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Obama supports Indo-US nuclear deal

US Democratic presidential candidate says he voted for the US-India nuclear agreement because India is a strong democracy and a natural strategic partner for the US in the 21st century.

india Updated: Jul 12, 2008 01:02 IST
Jonathan Allen

US Democratic presidential candidate Barack Obama supports a civilian nuclear trade deal between India and the United States and would not push for changes to it, an Indian news magazine quoted him as saying.

"I voted for the US-India nuclear agreement because India is a strong democracy and a natural strategic partner for the US in the 21st century," he told Outlook magazine, according to a transcript provided by the magazine on Friday.

His support may prove decisive if India fails to finalise the deal before the end of US President George W. Bush's term.

Bush and Indian Prime Minister Manmohan Singh shook hands on the deal, which gives India access to US nuclear resources and technology for energy, in 2005. Since then it has been stalled by opposition from the anti-US communist allies of India's coalition government, and at moments almost given up for dead.

The communists this week withdrew support for the government, which now faces a confidence vote despite moving to prop up its position in parliament with the help of a regional party whose leader backs the deal.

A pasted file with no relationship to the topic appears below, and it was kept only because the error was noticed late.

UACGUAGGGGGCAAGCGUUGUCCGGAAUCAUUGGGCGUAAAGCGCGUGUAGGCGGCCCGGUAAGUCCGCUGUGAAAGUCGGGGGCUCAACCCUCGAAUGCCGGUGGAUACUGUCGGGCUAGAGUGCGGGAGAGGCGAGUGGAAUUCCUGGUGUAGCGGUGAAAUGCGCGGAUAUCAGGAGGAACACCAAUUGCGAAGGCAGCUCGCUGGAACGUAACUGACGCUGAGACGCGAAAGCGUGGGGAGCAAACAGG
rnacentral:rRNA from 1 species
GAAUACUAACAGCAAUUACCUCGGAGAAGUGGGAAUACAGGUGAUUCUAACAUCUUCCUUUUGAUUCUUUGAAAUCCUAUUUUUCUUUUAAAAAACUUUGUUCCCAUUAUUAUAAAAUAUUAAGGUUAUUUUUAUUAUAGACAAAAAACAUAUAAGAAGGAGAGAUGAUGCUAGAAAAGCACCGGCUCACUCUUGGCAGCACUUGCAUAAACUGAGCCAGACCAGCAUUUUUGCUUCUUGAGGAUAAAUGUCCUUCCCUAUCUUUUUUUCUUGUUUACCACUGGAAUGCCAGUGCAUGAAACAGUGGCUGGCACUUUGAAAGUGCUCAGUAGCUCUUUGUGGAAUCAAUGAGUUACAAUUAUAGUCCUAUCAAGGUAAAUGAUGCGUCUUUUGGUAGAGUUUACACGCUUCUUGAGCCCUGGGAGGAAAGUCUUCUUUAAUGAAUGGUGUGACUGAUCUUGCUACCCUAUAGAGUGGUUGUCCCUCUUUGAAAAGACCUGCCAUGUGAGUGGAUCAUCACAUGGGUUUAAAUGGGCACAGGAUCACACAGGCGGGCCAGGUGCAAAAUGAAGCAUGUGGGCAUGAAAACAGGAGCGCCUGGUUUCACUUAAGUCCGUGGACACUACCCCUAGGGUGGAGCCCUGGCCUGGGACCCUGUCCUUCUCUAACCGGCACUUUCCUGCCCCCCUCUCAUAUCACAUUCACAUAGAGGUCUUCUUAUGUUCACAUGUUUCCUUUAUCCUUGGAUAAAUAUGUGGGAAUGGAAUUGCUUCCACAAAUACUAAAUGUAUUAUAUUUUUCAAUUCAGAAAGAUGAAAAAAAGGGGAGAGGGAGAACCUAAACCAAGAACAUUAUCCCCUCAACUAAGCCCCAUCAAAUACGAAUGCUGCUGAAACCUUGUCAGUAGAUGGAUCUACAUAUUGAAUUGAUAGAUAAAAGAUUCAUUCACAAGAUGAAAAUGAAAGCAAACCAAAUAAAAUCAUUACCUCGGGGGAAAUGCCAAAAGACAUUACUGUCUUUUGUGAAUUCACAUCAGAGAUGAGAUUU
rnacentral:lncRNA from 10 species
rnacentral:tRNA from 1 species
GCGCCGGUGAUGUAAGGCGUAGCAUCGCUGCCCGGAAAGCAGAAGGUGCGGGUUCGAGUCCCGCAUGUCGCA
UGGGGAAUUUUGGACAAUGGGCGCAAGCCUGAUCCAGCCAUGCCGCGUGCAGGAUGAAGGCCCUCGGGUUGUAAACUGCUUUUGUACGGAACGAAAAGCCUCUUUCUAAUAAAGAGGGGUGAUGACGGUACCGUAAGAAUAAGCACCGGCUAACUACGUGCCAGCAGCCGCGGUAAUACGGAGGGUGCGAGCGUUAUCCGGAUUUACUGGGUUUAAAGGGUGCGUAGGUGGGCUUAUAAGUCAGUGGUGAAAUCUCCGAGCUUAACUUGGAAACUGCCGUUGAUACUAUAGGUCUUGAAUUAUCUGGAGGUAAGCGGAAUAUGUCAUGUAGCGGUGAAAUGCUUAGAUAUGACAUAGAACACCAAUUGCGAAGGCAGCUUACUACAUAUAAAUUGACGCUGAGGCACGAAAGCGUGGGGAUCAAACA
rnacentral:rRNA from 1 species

India must surmount other time-consuming hurdles before the end of the Bush administration, including approval from U.N. atomic watchdog governors and a 45-nation group that controls nuclear trade.

If India misses the effective deadline of the November US elections, it may seek to revive the deal under the next administration, although pessimists say it may have to agree to less favourable terms.

But Obama said he was broadly happy with the current deal.

"The existing agreement effectively balanced a range of important issues, from our strategic relationship with India to our non-proliferation concerns to India's energy needs," he told the magazine, which will publish the interview on Saturday.

"I am therefore reluctant to seek changes."

He said the deal would help combat global warming by giving India an alternative to coal and that he hoped it would be finalised by the end of this year.